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Effects of Diamond Lake Restoration on Water Quality and Algal Conditions in the North Umpqua River, Oregon

Project Chief: Chauncey Anderson

In cooperation with Douglas County, Oregon, and the U.S. Forest Service


North Umpqua River

The North Umpqua River just above Steamboat Creek. This classic Western steelhead river is characterized by clear water in a high gradient, bedrock channel with deep pools interspersed by alluvial gravels.(Photograph by Chauncey Anderson, USGS)


Diamond Lake, the headwaters of the North Umpqua River in the Oregon Cascade Range (map), was treated with the fish poison rotenone in September 2006, to kill an invasive fish, the tui chub. The chub was blamed for the disruption of the lake’s food webs, which resulted in the decimation of the lake’s economically important recreational fishery and the recurrence of potentially toxic algal blooms that had caused the lake’s closure several times in recent years. The rotenone application involved the 8-9 month drawdown of this eutrophic lake and, therefore, the increased release of nutrient-rich water into downstream reaches.

As part of the interagency response to the lake restoration project, the USGS Oregon Water Science Center conducted water quality monitoring at selected locations downstream of Diamond Lake, including the Wild and Scenic Reach of the North Umpqua River, during 2005–2007. Together with data collected previously in association with Federal Energy Regulatory Commission relicensing and other management issues, a unique, long-term data set is available that will allow the assessment of conditions in the river both prior to and following the restoration project at Diamond Lake.


1.  Evaluate the potential effects of the Diamond Lake restoration on water quality and algal conditions in the Wild and Scenic Reach and selected locations upstream of Soda Springs.

2.  Document changes in water quality and algal conditions in the Wild and Scenic Reach between 1992 and 2007, to the extent possible.

3.  Evaluate the effect on summer water quality from selected other management activities (for example, modifications of discharge releases through PacifiCorp’s FERC relicensing process) that have occurred in the basin between 1992 and 2007.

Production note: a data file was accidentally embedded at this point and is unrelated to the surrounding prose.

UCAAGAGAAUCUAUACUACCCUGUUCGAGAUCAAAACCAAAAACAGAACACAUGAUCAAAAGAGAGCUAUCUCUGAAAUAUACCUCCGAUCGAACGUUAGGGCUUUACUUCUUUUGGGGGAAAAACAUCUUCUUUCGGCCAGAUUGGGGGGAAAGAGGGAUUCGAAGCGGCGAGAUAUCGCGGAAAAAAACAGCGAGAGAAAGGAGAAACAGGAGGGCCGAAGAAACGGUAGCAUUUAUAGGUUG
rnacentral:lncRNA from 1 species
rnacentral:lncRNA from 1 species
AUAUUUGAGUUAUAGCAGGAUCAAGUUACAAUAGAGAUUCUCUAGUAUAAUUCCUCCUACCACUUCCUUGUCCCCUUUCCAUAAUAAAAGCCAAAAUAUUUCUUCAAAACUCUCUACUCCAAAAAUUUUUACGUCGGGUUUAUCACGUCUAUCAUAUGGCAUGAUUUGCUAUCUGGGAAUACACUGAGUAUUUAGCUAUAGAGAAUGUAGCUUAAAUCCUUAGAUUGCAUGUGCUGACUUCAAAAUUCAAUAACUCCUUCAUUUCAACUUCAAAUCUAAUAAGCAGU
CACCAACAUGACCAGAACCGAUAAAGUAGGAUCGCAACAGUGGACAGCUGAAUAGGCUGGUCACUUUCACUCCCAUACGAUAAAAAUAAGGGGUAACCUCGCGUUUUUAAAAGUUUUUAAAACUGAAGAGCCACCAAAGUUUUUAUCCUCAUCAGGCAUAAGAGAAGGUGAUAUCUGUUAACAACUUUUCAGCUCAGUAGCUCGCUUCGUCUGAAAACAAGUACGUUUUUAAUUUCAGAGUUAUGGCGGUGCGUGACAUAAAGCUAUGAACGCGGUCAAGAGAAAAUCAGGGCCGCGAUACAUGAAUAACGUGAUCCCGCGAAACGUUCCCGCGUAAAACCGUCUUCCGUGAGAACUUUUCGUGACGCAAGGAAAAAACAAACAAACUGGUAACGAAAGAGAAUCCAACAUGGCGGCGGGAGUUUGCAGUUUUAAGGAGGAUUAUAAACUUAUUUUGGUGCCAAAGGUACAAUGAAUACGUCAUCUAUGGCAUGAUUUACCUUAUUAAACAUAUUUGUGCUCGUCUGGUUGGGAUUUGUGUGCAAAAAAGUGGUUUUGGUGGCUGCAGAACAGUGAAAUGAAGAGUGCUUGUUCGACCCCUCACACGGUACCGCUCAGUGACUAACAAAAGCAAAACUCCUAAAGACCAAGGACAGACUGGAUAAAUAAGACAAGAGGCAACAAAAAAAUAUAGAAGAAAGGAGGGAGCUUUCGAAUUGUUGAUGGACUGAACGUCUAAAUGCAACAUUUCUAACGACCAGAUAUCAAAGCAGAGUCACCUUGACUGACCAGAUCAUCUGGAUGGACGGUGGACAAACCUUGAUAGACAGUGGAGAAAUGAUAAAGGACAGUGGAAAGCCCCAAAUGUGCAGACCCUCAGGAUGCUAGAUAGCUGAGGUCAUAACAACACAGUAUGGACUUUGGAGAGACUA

4.  Evaluate selected options for long term data collection that will allow the U.S. Forest Service and other local agencies to track the quality of the river and document significant changes resulting from management actions.


1.  Assemble a complete set of water quality data, including discrete sample analysis and discharge measurements, diel measurements of temperature, pH, and dissolved oxygen; algal species identifications and biomass; and continuous data from streamgages and water quality monitors,

2.  Complete a quality control analysis of the final data set, including: laboratory split data (see below), laboratory standard reference samples, blanks, and replicates to ascertain our ability to detect differences in nutrient concentrations over time using data from synoptic and monthly samplings

3.  Address a set of specific questions regarding the downstream effects of the Diamond Lake Restoration project and other key management questions extending through the period of data collection.


The results from this study will be directly relevant to the U.S. Forest Service, Oregon Department of Environmental Quality, Oregon Department of Fish and Wildlife, Douglas County, and other agencies involved in management of the North Umpqua River Basin. Of particular note is the fact that Lemolo Lake, into which Lake Creek discharges water from Diamond Lake, experienced a severe blue-green algae bloom in 2007, causing a lake closure to contact recreation, and tui chub have been observed and appear to be increasing in numbers. The lessons and experiences gained from the Diamond Lake Restoration project, particularly with respect to the Wild and Scenic Reach, will therefore be directly applicable to Lemolo Lake as managers decide how best to approach the water quality issues there.


Anderson, C.W., and Carpenter, K.D., 1998, Water quality and algal conditions in the North Umpqua River Basin, Oregon, 1992-95, and implications for resource management: U.S. Geological Survey Water-Resources Investigations Report 98-4125, 78 p. + plate.

Anderson, C.W., 2001, Ecological effects on streams from forest fertilization— Literature review and conceptual framework for future study in the western Cascades: U. S. Geological Survey Water-Resources Investigations Report 01–4047, 49 p.

Rinella, F.A., 1998, Major-ion, nutrient, and trace-element concentrations in the Steamboat Creek Basin, Oregon, 1996: U.S. Geological Survey Water-Resources Investigations Report 98-4105, 31 p.

Tanner, D.Q., Arnsberg, A.J., Anderson, C.W., and Carpenter, K.D., 2006, Water Quality and Algal Data for the North Umpqua River Basin, Oregon, 2005: U.S. Geological Survey Data Series 229, p.


North Umpqua River Basin Real-Time Water-Quality Monitors

August 2007 Synoptic Survey: Water Quality, Discharge, and Algal Data

Graph Data From Umpqua River Basin Water-Quality Sites


Carpenter, K.D., Anderson, C.W., and Jones, M.E., 2014, Water quality and algal conditions in the North Umpqua River, Oregon, 1995–2007, and their response to Diamond Lake restoration: U.S. Geological Survey Open-File Report 2014–1098, 89 p.

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